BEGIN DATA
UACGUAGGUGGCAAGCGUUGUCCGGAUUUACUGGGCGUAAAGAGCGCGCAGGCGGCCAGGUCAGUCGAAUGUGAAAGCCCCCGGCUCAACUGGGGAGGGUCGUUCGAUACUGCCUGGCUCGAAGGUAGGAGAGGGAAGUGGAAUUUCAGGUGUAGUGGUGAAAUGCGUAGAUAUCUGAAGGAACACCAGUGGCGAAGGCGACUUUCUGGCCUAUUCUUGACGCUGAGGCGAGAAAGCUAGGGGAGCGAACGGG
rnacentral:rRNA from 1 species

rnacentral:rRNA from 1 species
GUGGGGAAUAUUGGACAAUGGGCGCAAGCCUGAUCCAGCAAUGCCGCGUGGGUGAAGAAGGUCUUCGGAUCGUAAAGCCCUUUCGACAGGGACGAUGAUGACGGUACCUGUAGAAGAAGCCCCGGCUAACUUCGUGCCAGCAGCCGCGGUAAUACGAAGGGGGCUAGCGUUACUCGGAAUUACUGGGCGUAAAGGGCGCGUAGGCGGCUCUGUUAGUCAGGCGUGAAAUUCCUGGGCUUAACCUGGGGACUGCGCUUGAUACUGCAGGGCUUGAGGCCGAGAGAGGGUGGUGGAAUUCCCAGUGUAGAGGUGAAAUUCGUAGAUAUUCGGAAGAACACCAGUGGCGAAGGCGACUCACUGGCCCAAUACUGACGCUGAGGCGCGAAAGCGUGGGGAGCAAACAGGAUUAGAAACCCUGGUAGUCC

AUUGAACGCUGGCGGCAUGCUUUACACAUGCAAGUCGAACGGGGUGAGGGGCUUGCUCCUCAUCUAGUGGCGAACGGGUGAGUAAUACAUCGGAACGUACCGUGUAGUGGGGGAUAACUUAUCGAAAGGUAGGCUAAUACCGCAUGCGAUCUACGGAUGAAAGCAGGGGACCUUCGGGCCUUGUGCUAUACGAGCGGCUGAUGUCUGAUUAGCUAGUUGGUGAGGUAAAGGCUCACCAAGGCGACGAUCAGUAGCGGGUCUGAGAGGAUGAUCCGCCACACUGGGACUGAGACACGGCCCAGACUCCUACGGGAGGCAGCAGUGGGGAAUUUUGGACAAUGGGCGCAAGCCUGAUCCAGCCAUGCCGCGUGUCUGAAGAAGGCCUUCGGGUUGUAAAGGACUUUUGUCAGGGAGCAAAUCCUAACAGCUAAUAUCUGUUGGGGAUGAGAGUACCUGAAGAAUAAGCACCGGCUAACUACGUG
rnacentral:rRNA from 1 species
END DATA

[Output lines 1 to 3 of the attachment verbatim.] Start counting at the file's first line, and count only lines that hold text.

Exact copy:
UACGUAGGUGGCAAGCGUUGUCCGGAUUUACUGGGCGUAAAGAGCGCGCAGGCGGCCAGGUCAGUCGAAUGUGAAAGCCCCCGGCUCAACUGGGGAGGGUCGUUCGAUACUGCCUGGCUCGAAGGUAGGAGAGGGAAGUGGAAUUUCAGGUGUAGUGGUGAAAUGCGUAGAUAUCUGAAGGAACACCAGUGGCGAAGGCGACUUUCUGGCCUAUUCUUGACGCUGAGGCGAGAAAGCUAGGGGAGCGAACGGG
rnacentral:rRNA from 1 species

rnacentral:rRNA from 1 species